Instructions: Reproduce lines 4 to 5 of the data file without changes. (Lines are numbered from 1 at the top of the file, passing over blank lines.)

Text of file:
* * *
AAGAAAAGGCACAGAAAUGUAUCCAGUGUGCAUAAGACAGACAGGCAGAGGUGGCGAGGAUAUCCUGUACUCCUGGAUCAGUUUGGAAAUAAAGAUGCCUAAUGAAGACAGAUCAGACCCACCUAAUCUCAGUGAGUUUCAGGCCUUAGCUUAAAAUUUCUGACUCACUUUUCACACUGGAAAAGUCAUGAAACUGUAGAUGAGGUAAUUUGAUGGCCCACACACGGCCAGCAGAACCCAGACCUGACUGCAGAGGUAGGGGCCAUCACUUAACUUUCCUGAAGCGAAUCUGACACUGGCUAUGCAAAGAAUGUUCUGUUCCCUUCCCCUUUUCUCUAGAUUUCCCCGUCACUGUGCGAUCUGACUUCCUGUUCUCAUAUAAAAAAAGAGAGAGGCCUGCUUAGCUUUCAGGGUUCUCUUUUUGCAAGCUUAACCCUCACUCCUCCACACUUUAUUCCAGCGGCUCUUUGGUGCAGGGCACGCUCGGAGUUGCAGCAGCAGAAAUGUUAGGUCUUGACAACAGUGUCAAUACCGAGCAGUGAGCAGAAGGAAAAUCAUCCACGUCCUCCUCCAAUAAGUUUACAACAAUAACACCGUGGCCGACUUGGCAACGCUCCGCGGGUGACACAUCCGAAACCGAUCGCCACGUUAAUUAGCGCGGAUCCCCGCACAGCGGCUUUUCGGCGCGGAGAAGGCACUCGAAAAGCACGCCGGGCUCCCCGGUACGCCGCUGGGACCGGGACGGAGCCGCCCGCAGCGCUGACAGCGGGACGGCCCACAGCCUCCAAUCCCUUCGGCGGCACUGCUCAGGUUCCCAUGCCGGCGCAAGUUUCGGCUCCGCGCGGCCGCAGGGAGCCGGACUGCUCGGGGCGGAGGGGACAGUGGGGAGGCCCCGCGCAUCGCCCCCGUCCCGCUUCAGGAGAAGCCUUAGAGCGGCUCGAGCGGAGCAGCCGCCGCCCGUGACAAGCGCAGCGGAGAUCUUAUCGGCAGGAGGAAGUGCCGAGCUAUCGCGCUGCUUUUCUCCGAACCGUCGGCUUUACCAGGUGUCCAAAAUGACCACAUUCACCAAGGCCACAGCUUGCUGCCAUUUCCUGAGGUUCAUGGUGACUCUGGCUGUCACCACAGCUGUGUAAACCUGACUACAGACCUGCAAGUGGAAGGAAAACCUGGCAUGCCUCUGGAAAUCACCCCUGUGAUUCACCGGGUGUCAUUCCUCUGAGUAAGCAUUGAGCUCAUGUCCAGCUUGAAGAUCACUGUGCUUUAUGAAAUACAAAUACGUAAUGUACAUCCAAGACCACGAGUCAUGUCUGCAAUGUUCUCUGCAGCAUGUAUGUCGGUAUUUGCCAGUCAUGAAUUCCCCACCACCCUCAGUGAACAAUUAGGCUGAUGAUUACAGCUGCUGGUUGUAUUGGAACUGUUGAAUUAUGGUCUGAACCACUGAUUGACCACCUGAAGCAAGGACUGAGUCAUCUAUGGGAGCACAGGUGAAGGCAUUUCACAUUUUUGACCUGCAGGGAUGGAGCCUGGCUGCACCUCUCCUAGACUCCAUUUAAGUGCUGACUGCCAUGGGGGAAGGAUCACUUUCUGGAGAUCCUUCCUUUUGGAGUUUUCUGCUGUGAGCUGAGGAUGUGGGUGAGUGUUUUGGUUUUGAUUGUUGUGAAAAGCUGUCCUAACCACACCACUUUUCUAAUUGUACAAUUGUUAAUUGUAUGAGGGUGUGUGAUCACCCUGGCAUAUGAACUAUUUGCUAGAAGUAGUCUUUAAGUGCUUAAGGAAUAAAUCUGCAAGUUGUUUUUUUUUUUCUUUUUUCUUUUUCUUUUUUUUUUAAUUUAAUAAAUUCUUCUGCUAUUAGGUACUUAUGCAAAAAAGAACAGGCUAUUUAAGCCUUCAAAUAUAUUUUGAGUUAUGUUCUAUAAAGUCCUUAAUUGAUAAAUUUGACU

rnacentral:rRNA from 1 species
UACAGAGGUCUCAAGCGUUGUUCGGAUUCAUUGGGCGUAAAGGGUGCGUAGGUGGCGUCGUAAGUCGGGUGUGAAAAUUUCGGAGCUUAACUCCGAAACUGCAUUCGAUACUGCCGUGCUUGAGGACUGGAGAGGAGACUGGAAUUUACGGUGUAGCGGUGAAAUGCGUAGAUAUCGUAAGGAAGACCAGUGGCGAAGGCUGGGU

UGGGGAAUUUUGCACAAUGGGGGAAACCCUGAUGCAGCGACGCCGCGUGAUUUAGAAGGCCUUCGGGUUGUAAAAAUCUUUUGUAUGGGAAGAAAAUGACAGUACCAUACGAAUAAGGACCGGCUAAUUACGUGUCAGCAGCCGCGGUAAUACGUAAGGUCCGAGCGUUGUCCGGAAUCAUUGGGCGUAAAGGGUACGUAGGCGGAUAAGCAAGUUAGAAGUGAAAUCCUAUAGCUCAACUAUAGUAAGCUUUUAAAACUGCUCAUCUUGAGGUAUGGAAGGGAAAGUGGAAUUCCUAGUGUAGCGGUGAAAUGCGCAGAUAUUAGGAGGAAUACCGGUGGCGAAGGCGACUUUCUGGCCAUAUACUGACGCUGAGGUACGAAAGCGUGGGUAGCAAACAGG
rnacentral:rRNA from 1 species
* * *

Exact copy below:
UGGGGAAUUUUGCACAAUGGGGGAAACCCUGAUGCAGCGACGCCGCGUGAUUUAGAAGGCCUUCGGGUUGUAAAAAUCUUUUGUAUGGGAAGAAAAUGACAGUACCAUACGAAUAAGGACCGGCUAAUUACGUGUCAGCAGCCGCGGUAAUACGUAAGGUCCGAGCGUUGUCCGGAAUCAUUGGGCGUAAAGGGUACGUAGGCGGAUAAGCAAGUUAGAAGUGAAAUCCUAUAGCUCAACUAUAGUAAGCUUUUAAAACUGCUCAUCUUGAGGUAUGGAAGGGAAAGUGGAAUUCCUAGUGUAGCGGUGAAAUGCGCAGAUAUUAGGAGGAAUACCGGUGGCGAAGGCGACUUUCUGGCCAUAUACUGACGCUGAGGUACGAAAGCGUGGGUAGCAAACAGG
rnacentral:rRNA from 1 species